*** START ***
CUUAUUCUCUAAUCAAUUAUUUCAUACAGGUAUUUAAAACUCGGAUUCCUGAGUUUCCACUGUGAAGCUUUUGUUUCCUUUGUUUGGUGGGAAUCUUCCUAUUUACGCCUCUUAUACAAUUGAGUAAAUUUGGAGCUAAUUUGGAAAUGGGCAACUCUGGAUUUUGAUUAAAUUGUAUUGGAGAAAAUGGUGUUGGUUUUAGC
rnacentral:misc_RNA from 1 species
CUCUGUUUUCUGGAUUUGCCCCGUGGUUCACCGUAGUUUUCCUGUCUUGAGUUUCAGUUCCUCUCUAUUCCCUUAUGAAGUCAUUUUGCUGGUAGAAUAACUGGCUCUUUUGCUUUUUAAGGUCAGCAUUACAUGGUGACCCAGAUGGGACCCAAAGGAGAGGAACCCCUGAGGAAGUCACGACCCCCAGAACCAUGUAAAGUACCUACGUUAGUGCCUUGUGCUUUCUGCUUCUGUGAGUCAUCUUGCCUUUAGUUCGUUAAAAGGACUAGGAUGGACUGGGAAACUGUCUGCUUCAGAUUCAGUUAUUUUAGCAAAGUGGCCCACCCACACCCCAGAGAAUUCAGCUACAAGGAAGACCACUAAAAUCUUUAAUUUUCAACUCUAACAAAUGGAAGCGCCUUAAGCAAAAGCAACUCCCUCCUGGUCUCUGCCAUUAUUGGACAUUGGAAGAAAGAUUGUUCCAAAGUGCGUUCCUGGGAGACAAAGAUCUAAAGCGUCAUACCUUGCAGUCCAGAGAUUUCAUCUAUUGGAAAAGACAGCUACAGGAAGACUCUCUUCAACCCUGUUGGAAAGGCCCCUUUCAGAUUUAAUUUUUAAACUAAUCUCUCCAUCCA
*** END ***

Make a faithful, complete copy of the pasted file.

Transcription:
CUUAUUCUCUAAUCAAUUAUUUCAUACAGGUAUUUAAAACUCGGAUUCCUGAGUUUCCACUGUGAAGCUUUUGUUUCCUUUGUUUGGUGGGAAUCUUCCUAUUUACGCCUCUUAUACAAUUGAGUAAAUUUGGAGCUAAUUUGGAAAUGGGCAACUCUGGAUUUUGAUUAAAUUGUAUUGGAGAAAAUGGUGUUGGUUUUAGC
rnacentral:misc_RNA from 1 species
CUCUGUUUUCUGGAUUUGCCCCGUGGUUCACCGUAGUUUUCCUGUCUUGAGUUUCAGUUCCUCUCUAUUCCCUUAUGAAGUCAUUUUGCUGGUAGAAUAACUGGCUCUUUUGCUUUUUAAGGUCAGCAUUACAUGGUGACCCAGAUGGGACCCAAAGGAGAGGAACCCCUGAGGAAGUCACGACCCCCAGAACCAUGUAAAGUACCUACGUUAGUGCCUUGUGCUUUCUGCUUCUGUGAGUCAUCUUGCCUUUAGUUCGUUAAAAGGACUAGGAUGGACUGGGAAACUGUCUGCUUCAGAUUCAGUUAUUUUAGCAAAGUGGCCCACCCACACCCCAGAGAAUUCAGCUACAAGGAAGACCACUAAAAUCUUUAAUUUUCAACUCUAACAAAUGGAAGCGCCUUAAGCAAAAGCAACUCCCUCCUGGUCUCUGCCAUUAUUGGACAUUGGAAGAAAGAUUGUUCCAAAGUGCGUUCCUGGGAGACAAAGAUCUAAAGCGUCAUACCUUGCAGUCCAGAGAUUUCAUCUAUUGGAAAAGACAGCUACAGGAAGACUCUCUUCAACCCUGUUGGAAAGGCCCCUUUCAGAUUUAAUUUUUAAACUAAUCUCUCCAUCCA